Plato’s arguments in the Republic against the value of art for education are directed only against the popular practices of his day; they also indicate art’s
potential value. The Republic’s sequel, the Timaeus, recognizes the value of art for education as long as it is employed “not for irrational pleasures as now”, but to produce harmony within us. There are several indications that this is the lesson of the Republic’s criticisms: a) The view that art is imitation is expressed not by Socrates but Glaucon, and Socrates urges him to reconsider it. Socrates himself earlier suggested that a painter might imitate something like a form, b) Each of Socrates’ arguments suggests a positive contribution of art at the same time that it criticizes its popular employment, c) Art theory and art works of Plato’s day point to a different view of art: not as imitation but as aiming at the ideal, and the mythic paradigms on which the tragedies were based lead to a similar conclusion, d) The concluding myth of Er shows how art can achieve its educational function without succumbing to the dangers that Plato saw as undermining the value of art in his day. It is an edifying poetic creation free from all six dangers pointed to by Socrates.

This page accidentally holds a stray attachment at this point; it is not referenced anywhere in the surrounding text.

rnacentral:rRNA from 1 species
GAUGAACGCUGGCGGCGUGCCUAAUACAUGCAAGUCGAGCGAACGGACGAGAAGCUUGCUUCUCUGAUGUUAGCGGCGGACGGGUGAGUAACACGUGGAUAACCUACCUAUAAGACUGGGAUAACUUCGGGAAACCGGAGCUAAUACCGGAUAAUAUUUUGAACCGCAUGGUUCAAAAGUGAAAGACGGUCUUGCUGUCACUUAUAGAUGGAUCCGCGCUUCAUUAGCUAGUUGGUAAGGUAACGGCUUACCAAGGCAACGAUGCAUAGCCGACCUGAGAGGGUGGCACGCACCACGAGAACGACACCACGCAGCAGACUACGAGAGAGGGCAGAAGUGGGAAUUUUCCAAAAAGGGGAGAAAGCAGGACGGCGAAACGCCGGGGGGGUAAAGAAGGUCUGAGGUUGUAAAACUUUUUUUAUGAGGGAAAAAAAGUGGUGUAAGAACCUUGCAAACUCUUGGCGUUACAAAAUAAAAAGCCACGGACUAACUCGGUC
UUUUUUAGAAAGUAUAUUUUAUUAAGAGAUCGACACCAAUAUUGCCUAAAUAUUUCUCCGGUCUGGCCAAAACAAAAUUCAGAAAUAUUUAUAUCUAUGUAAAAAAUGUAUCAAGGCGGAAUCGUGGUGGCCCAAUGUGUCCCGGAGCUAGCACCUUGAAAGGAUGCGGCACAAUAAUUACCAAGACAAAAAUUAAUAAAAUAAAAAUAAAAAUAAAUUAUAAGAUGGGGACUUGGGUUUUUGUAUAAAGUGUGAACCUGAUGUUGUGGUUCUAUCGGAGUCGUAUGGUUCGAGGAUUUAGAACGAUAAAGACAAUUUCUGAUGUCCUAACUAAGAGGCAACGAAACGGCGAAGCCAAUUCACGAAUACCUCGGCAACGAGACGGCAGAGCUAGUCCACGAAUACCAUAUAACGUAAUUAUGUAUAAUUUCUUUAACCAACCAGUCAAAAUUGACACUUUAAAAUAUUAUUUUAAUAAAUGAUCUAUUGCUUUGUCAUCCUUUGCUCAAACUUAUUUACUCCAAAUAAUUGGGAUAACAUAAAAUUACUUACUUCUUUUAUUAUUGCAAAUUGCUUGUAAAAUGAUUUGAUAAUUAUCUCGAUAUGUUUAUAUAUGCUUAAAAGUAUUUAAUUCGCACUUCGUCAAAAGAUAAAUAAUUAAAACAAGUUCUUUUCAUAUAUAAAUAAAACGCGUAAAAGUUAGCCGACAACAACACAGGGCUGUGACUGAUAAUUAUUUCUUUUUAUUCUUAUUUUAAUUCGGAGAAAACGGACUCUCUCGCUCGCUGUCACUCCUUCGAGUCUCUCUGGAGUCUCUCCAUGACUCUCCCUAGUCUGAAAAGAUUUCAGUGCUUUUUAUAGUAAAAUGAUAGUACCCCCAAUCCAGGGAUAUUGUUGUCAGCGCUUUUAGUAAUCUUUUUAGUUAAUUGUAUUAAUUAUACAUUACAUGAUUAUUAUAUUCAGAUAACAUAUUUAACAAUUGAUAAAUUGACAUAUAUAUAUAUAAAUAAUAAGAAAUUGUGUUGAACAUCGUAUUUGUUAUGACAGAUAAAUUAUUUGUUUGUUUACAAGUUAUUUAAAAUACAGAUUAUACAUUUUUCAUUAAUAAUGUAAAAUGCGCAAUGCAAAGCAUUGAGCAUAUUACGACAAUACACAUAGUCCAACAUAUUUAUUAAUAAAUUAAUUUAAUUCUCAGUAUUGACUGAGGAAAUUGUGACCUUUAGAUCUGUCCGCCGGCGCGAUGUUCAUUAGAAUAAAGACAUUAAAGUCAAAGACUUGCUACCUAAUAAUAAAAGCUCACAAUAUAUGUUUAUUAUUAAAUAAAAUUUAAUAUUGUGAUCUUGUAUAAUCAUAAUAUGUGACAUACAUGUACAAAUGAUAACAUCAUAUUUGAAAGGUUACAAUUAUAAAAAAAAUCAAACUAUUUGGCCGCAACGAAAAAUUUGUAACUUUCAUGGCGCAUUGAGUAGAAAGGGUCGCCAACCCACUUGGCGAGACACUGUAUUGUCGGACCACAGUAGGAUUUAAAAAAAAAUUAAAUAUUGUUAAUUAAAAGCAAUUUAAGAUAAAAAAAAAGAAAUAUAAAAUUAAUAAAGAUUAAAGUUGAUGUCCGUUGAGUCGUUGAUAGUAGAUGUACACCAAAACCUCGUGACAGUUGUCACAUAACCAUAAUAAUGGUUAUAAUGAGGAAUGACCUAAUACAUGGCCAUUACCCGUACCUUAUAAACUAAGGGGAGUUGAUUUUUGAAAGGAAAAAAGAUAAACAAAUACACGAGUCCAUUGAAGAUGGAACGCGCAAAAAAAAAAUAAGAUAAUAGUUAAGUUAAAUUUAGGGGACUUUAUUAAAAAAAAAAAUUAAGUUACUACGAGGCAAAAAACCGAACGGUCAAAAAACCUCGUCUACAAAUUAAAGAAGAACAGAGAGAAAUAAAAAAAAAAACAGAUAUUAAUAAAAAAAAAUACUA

|Keywords:||Art and Education, Ancient Greek Art and Theory, Plato, Edifying Myth|
Professor of Philosophy, Department of Philosophy, University of Guelph, Guelph, Ontario, Canada
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